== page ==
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2/4/2012 9:33:16 AM

My baguio sojourn


An account of my latest travel to the Philippines is not complete without my City of Baguio journey. I have fond memories of Baguio. I spent interesting years in this city of Pines where I finished my AB (pre-Law) at the then Baguio Colleges, now the University of the Cordilleras. It is a place where my hormonic imbalance also began its journey, a place where I thought I found Love, though juvenile it may be. And I also wanted to reminisce, bring romance to my old self, even only in dreams. I wanted to see Baguio again, feel its wintry caress, smell its piney perfume, and embrace the ambiance of my old haunts, hoping that the testosterone level of my old self would rise like my uncontrollable blood pressure.

I decided to pass thru Lingayen to meet some fraternity brothers of my college days in Diliman, Quezon City. They are a motley crowd these fraternity brothers. (that will be another story).

Our trip from Lingayen towards Baguio was uneventful. As we started our climb in the town of Rosario, La Union, I can feel the excitement building up. By the roadside in the town of Pugo, La Union, we dropped by a restaurant and had lunch of dinengdeng like my mother used to make. Our entrance to the City of Baguio was a disappointment. We have been forewarned of the traffic, but the warnings were an understatement. It seems that Baguio is no longer what it was in my youth.

BUT THE BEST IS YET TO COME . After weaving in and out of traffic and after so many stops asking for directions, we finally found our destination: The Baguio Country Club. Isolated from the traffic madness, distanced from the din of an overpopulated metropolis, the Baguio Country Club is akin to Princess Isolde, married to the City of Baguio but loved immensely by the Tristans of the province of Benguet. During my stay, Congressman Ronnie Cosalan found time to welcome me. We could have spent some more time but for the urgency of official matters relative to a pending impeachment of a certain judicial functionary, he has to leave for Manila.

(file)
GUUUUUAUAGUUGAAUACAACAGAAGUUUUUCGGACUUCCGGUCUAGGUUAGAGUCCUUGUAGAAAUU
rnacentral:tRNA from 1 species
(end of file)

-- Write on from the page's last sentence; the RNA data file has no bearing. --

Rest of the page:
Baguio in the early 60s was a beautiful and clean city. Every Saturday, we (ROTC Cadets) used to parade up and down Session Road and Magsaysay Avenue towards Burnham Park and the adjoining Track and Field. There were afternoons after our classes that for a nickel (5 centavos) we rent a bike and ride around the Park for hours. In the early mornings and late afternoons, the city is blanketed by a refreshing fog, so thick you could not see the person in front of you. That city of Ferdinand Dacanay is no more. Walking down from the Cathedral towards the market is an effort, jostling and elbowing against the crowds. I feel literally suffocated by smog coming from endless lines of cars and jeepneys practically parked in the streets. The feeling of nostalgia is lost.

The only redeeming aspect of my visit is my return to the Baguio Country Club. Dinner at the veranda overlooking the golf course complete with a bottle of Zinfandel is a treat, more so for the company. The Baguio Country Club is a retreat. A place where I could rest but only to reminisce; dream of distant past, the leisurely walk in Burnharm Park hands held with a friend, a Sunday bus ride to Balatoc Mines, a jeepney ride to Mines View Park, a movie along Session Road for my first kiss. It seems like yesterday. But yesterday is gone. Indeed, the Baguio of my youth is no more. The new Baguio of Vilma and Patrick is nothing but a crowded metropolis. It looks old, unwashed and uncared for. Trash and garbage are everywhere. The acrid smoke of belching jeepneys and cars is what you breathe. It has no romance. Perhaps,it lost its innocence long ago as I did my virginity years before. Yes, Baguio is lost forever.




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